How to Keep Fighting and Pressing Forward When the Going Gets Tough
Remember, we all fail at one time or another. That's life.
A lot of people like to think that there is some secret formula to achieving extraordinary levels of success and breaking free from mediocrity, but there really isn’t.
The one and only secret to crushing your goals and experiencing the success that you always dreamed of is to take relentless, persistent and massive action every single day of your life. Every peak performer knows the importance of this truth. The reason why the majority neglect it is because of the ridiculous amount of work required of them. What's more, there is absolutely nothing exciting and sexy about that workload.
Persistence may not always be the “fun” thing to do, but it always will be the right thing to do when you are in pursuit of greatness, when you're looking to maximize business success or achieve a game-changing goal. Being persistent requires you to get out of your comfort zone most of the time and force yourself to take action, even when you may not feel like it.
The following icons certainly understood this:
- Henry Ford massively failed and went broke five times before he finally got his major breakthrough.
- Beethoven was ridiculed for how he handled the violin, and his teacher told him that he was hopeless as a composer.
- Walt Disney was once fired by a newspaper editor for an alleged lack of ideas. He also went bankrupt multiple times before he built Disneyland.
- Charles Darwin gave up a medical career and was told by his father, "You care for nothing but shooting, dogs and rat-catching." Wrote Darwin in his autobiography: “I was considered by my father a very ordinary boy, rather below the common standard in intellect.”
More such stories? Albert Einstein did not speak until he was 4 years old and didn't read until he was 7. His teacher described him as “mentally slow, unsociable and adrift forever in his foolish dreams.” He was eventually expelled and refused admittance to Zurich Polytechnic School. The University of Bern declined his Ph.D. dissertation as irrelevant and fanciful.
The script for Star Wars was rejected by every movie studio in Hollywood before 20th Century Fox finally produced it. It went on to be one of the largest grossing movies in film history.
When former University of Georgia and NFL running back Herschel Walker wanted to play football in junior high, but the coach told him he was too small and recommended track instead. Never one to quit, Walker ignored the coach's advice and began an intensive training program to build himself up. Only a few years later, he won the prestigious Heisman trophy.
These are just a few examples of all the wildly successful people who failed before succeeding to such heights that they could rewrite the history books. Remember, we all fail at one time or another. That's life. And no matter whether our failures are large or small, we have to persist and keep fighting. We’re all a “work in progress.” Even the geniuses.
Here are two actionable ideas to help you keep fighting and pressing forward when the going gets tough.
1. Study the greats.
I am an avid reader. I read a new book every single week, but one of my favorite types of books is autobiographies. I enjoy reading about the incredibly successful who went on to change the world with how they lived their lives.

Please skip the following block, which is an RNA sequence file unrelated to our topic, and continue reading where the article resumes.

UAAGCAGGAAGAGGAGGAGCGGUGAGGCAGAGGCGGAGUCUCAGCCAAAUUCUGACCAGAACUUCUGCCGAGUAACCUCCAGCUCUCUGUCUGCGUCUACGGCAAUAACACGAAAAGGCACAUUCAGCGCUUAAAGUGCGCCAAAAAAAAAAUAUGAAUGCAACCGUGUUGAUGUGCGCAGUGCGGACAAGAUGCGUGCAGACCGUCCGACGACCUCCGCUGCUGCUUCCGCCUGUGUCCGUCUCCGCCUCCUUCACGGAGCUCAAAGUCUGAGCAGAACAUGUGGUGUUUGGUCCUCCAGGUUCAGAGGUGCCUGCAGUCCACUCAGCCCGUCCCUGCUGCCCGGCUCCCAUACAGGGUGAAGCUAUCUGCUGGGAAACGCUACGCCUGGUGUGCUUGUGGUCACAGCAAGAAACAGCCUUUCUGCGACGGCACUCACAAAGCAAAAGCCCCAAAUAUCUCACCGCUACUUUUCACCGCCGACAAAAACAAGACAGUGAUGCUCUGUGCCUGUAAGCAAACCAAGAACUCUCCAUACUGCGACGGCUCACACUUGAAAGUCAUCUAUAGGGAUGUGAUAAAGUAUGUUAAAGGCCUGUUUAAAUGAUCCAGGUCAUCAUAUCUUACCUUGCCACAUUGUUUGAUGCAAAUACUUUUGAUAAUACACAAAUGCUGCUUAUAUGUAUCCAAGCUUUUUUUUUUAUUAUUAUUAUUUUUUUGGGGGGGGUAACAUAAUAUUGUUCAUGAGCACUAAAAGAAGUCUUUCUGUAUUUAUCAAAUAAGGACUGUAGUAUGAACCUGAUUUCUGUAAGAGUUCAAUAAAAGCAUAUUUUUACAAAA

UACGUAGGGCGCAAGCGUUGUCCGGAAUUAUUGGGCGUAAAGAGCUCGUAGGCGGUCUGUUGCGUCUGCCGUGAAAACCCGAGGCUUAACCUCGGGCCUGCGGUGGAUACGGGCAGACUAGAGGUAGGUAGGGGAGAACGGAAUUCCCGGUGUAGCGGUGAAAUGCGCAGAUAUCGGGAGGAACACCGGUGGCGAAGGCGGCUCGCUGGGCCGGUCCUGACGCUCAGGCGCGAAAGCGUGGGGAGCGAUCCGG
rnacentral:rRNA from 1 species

When you pick up an autobiography of one of the greats, you quicky realize the amount of persistence and fight they possesed, even in the face of extreme uncertainty and hardship. When I find myself going through a difficult time, one of the first things I do is pick up an autobiogrpahy of a world-class achiever.
Reading that individual's story reminds me of the power of never giving up, and passionately always fighting for what you believe in and desire. The next time you find yourself going through a difficult period in your life, pick up an autobiogrpahy, watch a documentary or find some way to study the greats. Success leaves clues.
2. Never lose sight of your major goals.
One of the first things that happens when people gets knocked down and come face to face with adversity is that they lose sight of the original goal or vision.
Instead, these individuals let the negativity they are currently experiencing come to the forefront of their minds, which prevents them from taking action and moving forward. I myself carry a notecard with me everywhere I go that has all of my major goals written on it. When I get knocked down, experience a negative curveball thrown my way or just lack the inspiration to keep fighting, I look over this notecard and am immediately connected to the grand vision I have that keeps me going.
Do the same thing: Put your major goals into your phone, on the front of your computer screen and in your purse or wallet. All throughout the day, especially when the going gets tough, read over those major goals and remind yourself of the great vision that you have for your life. When you make it a priority to never lose sight of your major goals, there is nothing that can permanently hold you back.
A former NFL linebacker for the Chicago Bears, Matt Mayberry is currently a keynote speaker, peak-performance strategist and writer. As the CEO of Matt Mayberry Enterprises, a training and consulting company, he specializes in maximizing the performance of individuals and organizations all over the world. He published his first book, Winning Plays, in 2016. You can contact him and learn more at mattmayberryonline.com.